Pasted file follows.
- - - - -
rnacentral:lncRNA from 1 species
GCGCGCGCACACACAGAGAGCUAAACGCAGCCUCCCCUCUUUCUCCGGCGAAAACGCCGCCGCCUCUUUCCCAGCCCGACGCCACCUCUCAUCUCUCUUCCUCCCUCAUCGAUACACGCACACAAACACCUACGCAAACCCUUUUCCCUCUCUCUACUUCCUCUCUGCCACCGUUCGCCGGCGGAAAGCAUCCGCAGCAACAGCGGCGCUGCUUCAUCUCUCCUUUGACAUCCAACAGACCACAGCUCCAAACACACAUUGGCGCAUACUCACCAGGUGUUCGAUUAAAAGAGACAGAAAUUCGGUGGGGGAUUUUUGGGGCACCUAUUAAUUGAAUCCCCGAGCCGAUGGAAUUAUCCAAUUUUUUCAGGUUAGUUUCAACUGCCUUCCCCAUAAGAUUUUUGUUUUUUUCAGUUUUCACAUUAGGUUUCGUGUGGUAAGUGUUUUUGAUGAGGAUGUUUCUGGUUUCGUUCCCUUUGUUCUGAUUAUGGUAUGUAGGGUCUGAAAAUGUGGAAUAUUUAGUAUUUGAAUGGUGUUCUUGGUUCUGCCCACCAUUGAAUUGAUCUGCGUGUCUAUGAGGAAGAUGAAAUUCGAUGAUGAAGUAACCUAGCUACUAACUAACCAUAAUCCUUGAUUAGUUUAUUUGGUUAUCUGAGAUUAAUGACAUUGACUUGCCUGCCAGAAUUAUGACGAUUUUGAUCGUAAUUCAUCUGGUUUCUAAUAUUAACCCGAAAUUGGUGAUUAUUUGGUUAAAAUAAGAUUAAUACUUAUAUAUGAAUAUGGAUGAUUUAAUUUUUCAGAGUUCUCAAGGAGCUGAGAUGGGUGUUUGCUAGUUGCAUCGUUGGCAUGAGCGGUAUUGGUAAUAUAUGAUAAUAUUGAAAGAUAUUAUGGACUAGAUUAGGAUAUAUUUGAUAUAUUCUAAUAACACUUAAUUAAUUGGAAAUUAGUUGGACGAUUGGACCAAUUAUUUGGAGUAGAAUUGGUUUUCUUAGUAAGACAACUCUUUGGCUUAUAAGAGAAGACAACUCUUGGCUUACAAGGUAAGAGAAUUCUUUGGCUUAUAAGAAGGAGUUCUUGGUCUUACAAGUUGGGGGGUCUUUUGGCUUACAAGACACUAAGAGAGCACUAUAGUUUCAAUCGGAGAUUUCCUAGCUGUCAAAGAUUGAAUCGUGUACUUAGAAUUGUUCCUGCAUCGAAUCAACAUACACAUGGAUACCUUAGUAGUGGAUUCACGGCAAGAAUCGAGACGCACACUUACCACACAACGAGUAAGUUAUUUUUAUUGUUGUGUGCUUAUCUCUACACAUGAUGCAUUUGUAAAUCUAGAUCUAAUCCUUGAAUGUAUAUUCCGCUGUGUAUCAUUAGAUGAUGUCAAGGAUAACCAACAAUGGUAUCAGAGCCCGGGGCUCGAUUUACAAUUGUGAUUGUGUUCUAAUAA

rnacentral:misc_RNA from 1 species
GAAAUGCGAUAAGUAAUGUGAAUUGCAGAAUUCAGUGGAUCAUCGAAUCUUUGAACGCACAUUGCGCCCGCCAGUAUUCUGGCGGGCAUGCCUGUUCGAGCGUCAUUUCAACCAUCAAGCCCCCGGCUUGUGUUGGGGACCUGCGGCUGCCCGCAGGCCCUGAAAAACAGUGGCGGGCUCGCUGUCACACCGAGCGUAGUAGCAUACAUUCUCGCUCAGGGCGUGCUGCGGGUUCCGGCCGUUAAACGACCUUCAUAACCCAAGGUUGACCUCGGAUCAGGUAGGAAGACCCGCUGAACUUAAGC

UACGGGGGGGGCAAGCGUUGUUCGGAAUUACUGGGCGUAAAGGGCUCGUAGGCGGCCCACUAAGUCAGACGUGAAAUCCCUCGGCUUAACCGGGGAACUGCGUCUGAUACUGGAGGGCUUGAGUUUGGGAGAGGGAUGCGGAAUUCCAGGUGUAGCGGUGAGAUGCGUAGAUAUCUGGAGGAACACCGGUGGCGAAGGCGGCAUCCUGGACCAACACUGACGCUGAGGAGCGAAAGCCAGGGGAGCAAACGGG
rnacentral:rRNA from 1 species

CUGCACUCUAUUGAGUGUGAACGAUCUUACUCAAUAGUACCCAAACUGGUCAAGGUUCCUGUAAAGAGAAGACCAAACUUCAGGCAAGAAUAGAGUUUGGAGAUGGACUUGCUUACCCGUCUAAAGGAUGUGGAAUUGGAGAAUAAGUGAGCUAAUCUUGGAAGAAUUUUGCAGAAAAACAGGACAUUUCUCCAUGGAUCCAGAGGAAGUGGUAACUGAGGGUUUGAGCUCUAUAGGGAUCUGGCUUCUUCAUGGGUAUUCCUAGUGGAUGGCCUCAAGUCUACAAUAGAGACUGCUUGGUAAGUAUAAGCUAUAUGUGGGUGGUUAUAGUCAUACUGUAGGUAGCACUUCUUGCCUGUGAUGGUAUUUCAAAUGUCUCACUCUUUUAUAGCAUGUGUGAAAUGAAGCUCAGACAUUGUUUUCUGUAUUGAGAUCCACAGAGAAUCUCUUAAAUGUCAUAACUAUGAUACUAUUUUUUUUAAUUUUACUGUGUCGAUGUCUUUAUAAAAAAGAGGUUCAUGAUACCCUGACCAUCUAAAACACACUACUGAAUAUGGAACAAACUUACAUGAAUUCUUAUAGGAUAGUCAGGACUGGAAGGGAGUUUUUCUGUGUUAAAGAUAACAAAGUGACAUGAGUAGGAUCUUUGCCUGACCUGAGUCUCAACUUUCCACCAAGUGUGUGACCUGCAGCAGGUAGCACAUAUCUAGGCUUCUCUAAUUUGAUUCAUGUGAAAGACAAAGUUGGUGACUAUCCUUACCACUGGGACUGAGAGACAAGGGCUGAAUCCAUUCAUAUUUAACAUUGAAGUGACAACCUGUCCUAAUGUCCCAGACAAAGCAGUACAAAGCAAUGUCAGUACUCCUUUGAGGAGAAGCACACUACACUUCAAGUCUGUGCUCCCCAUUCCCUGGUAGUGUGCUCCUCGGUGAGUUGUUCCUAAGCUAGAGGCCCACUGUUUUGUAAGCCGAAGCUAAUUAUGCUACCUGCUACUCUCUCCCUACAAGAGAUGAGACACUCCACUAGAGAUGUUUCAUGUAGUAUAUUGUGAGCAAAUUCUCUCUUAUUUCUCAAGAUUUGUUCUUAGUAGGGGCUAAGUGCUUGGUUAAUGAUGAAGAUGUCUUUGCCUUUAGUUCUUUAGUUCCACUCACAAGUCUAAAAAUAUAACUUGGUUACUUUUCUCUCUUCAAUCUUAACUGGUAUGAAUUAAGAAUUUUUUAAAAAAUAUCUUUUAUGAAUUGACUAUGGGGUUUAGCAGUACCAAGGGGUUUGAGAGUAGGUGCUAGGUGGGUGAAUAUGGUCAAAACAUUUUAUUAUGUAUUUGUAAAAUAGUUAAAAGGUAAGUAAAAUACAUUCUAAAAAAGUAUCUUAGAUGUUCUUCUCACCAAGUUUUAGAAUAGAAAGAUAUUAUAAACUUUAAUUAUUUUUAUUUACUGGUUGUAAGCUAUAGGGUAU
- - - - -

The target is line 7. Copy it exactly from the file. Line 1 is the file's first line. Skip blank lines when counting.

CUGCACUCUAUUGAGUGUGAACGAUCUUACUCAAUAGUACCCAAACUGGUCAAGGUUCCUGUAAAGAGAAGACCAAACUUCAGGCAAGAAUAGAGUUUGGAGAUGGACUUGCUUACCCGUCUAAAGGAUGUGGAAUUGGAGAAUAAGUGAGCUAAUCUUGGAAGAAUUUUGCAGAAAAACAGGACAUUUCUCCAUGGAUCCAGAGGAAGUGGUAACUGAGGGUUUGAGCUCUAUAGGGAUCUGGCUUCUUCAUGGGUAUUCCUAGUGGAUGGCCUCAAGUCUACAAUAGAGACUGCUUGGUAAGUAUAAGCUAUAUGUGGGUGGUUAUAGUCAUACUGUAGGUAGCACUUCUUGCCUGUGAUGGUAUUUCAAAUGUCUCACUCUUUUAUAGCAUGUGUGAAAUGAAGCUCAGACAUUGUUUUCUGUAUUGAGAUCCACAGAGAAUCUCUUAAAUGUCAUAACUAUGAUACUAUUUUUUUUAAUUUUACUGUGUCGAUGUCUUUAUAAAAAAGAGGUUCAUGAUACCCUGACCAUCUAAAACACACUACUGAAUAUGGAACAAACUUACAUGAAUUCUUAUAGGAUAGUCAGGACUGGAAGGGAGUUUUUCUGUGUUAAAGAUAACAAAGUGACAUGAGUAGGAUCUUUGCCUGACCUGAGUCUCAACUUUCCACCAAGUGUGUGACCUGCAGCAGGUAGCACAUAUCUAGGCUUCUCUAAUUUGAUUCAUGUGAAAGACAAAGUUGGUGACUAUCCUUACCACUGGGACUGAGAGACAAGGGCUGAAUCCAUUCAUAUUUAACAUUGAAGUGACAACCUGUCCUAAUGUCCCAGACAAAGCAGUACAAAGCAAUGUCAGUACUCCUUUGAGGAGAAGCACACUACACUUCAAGUCUGUGCUCCCCAUUCCCUGGUAGUGUGCUCCUCGGUGAGUUGUUCCUAAGCUAGAGGCCCACUGUUUUGUAAGCCGAAGCUAAUUAUGCUACCUGCUACUCUCUCCCUACAAGAGAUGAGACACUCCACUAGAGAUGUUUCAUGUAGUAUAUUGUGAGCAAAUUCUCUCUUAUUUCUCAAGAUUUGUUCUUAGUAGGGGCUAAGUGCUUGGUUAAUGAUGAAGAUGUCUUUGCCUUUAGUUCUUUAGUUCCACUCACAAGUCUAAAAAUAUAACUUGGUUACUUUUCUCUCUUCAAUCUUAACUGGUAUGAAUUAAGAAUUUUUUAAAAAAUAUCUUUUAUGAAUUGACUAUGGGGUUUAGCAGUACCAAGGGGUUUGAGAGUAGGUGCUAGGUGGGUGAAUAUGGUCAAAACAUUUUAUUAUGUAUUUGUAAAAUAGUUAAAAGGUAAGUAAAAUACAUUCUAAAAAAGUAUCUUAGAUGUUCUUCUCACCAAGUUUUAGAAUAGAAAGAUAUUAUAAACUUUAAUUAUUUUUAUUUACUGGUUGUAAGCUAUAGGGUAU